Methods: We retrospectively reviewed episodes with BDG results in hematologic patients receiving antimold prophylaxis from January 2017 to August 2019 in a tertiary hospital. The episodes were classified as true positive ([TP] positive BDG with IFI), true negative ([TN] negative BDG without IFI), false positive ([FP] positive BDG without IFI), false negative ([FN] negative BDG with IFI), and nonevaluable.

Results: A total of 203 episodes were analyzed: 101 episodes (49.8%) were from stem cell transplants, 89 (43.8%) were from induction chemotherapy, and 13 (6.4%) were from graft-versus-host disease treatment. There were 62 nonevaluable episodes. Among 141 evaluable ones, there were 8 (5.7%) episodes of probable/proven IFI. True positive, TN, FP, and FN cases were 4 (2.8%), 112 (79.4%), 21 (14.9%), and 4 (2.8%) episodes, respectively. Sensitivity, specificity, positive predictive value, and negative predictive value were 50.0%, 84.2%, 16.1%, and 96.5%, respectively. Positive predictive value was 26.7% and 0.0% in diagnostic and surveillance episodes, respectively.

Conclusions: β-d-glucan test should be used to exclude IFI rather than for diagnosis in these patients.
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http://dx.doi.org/10.1093/ofid/ofaa048DOI Listing
http://www.ncbi.nlm.nih.gov/pmc/articles/PMC7051035PMC
March 2020

Application of the severe fever with thrombocytopenia syndrome prediction score: Differentiation of febrile diseases using basic laboratory parameters.

PLoS One 2020 5;15(3):e0229920. Epub 2020 Mar 5.

Department of Internal Medicine, Seoul National University College of Medicine, Seoul, Republic of Korea.

Background: The prolonged manifestation of concurrent leukopenia, thrombocytopenia and normal C-reactive protein (CRP) (named as SFTS prediction score) in febrile diseases is not usual and may be used to make an initial differential diagnosis, which is a characteristic finding of severe fever with thrombocytopenia syndrome (SFTS).

Methods: The dynamics of SFTS prediction scores was investigated in SFTS patients. The study subjects for the comparison were febrile patients aged ≥ 16 years with SFTS scores of 2 (S2) or 3 (S3) who visited an emergency room for a 4-year study period. The dynamic distribution of S2 and S3 at presentation with regards to onset of illness, the characteristics of responsible diseases and the predictability of SFTS in both groups were described.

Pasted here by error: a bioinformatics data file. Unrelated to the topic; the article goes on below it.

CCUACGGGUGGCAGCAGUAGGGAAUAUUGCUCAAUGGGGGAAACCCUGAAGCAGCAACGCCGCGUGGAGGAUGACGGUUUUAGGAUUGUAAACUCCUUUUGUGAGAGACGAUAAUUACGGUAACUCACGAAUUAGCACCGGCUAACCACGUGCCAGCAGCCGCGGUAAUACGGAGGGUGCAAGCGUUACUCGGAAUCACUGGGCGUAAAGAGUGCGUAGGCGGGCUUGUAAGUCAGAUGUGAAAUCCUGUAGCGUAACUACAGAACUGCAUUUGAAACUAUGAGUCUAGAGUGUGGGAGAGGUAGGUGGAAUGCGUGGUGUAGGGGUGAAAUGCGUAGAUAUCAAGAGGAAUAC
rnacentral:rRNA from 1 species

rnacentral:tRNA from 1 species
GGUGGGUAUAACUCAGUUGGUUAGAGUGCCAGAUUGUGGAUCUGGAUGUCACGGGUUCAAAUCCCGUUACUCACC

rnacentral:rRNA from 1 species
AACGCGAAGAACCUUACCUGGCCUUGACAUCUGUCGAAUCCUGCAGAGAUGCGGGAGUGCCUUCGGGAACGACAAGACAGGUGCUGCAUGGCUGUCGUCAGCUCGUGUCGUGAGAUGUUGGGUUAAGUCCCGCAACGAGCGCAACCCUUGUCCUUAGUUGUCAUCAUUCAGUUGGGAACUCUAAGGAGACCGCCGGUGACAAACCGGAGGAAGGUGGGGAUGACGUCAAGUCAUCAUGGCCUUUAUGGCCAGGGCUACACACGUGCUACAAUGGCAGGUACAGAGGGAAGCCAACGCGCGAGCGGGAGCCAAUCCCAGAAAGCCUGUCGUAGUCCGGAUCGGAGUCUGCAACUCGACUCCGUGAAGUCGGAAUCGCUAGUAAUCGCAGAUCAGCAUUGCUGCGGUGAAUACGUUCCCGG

Results: In 104 patients with SFTS, the daily proportion of S2 or S3 ranged from 58.3 to 100% from day (D) 1 to D12 after the onset of illness. The S2 subtype of 'leukopenia plus thrombocytopenia' and S3 represented 72.7-100% of all scores. In contrast, for the 130 patients in the febrile cohort, 73.8% of evaluations were distributed between D1 and D4 after the onset of illness, and 68.8% of patients had the S2 subtype of 'leukopenia plus normal CRP'. Upper respiratory infection was the most frequent (50.0%) cause of diseases. Pneumonia (13.8%) and urosepsis (6.2%) initially presented with either S2 with normal CRP or S3 but had poor prognosis. The presence of S2 or S3 predicted SFTS with sensitivity and specificity of 0.85 (0.42-0.99; 95% CI) and 0.98 (0.98-0.98; 95% CI), respectively.

Conclusion: The temporal distribution and composition of S2 or S3 were unique in several febrile diseases including SFTS, and the SFTS prediction score may be useful for differentiating febrile diseases in primary care settings of SFTS endemic areas.
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http://journals.plos.org/plosone/article?id=10.1371/journal.pone.0229920PLOS
http://www.ncbi.nlm.nih.gov/pmc/articles/PMC7059982PMC
June 2020